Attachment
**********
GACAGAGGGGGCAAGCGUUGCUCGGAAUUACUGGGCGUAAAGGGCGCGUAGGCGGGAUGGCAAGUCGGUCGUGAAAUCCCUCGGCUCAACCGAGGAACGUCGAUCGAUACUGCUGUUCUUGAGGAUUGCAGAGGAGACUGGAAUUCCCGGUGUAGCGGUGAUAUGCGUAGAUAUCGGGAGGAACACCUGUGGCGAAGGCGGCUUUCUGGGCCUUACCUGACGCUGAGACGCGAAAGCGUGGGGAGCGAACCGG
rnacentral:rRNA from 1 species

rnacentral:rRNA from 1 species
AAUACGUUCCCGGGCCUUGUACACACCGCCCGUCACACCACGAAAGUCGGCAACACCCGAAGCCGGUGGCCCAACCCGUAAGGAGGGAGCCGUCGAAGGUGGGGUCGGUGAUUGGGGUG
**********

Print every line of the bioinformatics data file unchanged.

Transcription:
GACAGAGGGGGCAAGCGUUGCUCGGAAUUACUGGGCGUAAAGGGCGCGUAGGCGGGAUGGCAAGUCGGUCGUGAAAUCCCUCGGCUCAACCGAGGAACGUCGAUCGAUACUGCUGUUCUUGAGGAUUGCAGAGGAGACUGGAAUUCCCGGUGUAGCGGUGAUAUGCGUAGAUAUCGGGAGGAACACCUGUGGCGAAGGCGGCUUUCUGGGCCUUACCUGACGCUGAGACGCGAAAGCGUGGGGAGCGAACCGG
rnacentral:rRNA from 1 species

rnacentral:rRNA from 1 species
AAUACGUUCCCGGGCCUUGUACACACCGCCCGUCACACCACGAAAGUCGGCAACACCCGAAGCCGGUGGCCCAACCCGUAAGGAGGGAGCCGUCGAAGGUGGGGUCGGUGAUUGGGGUG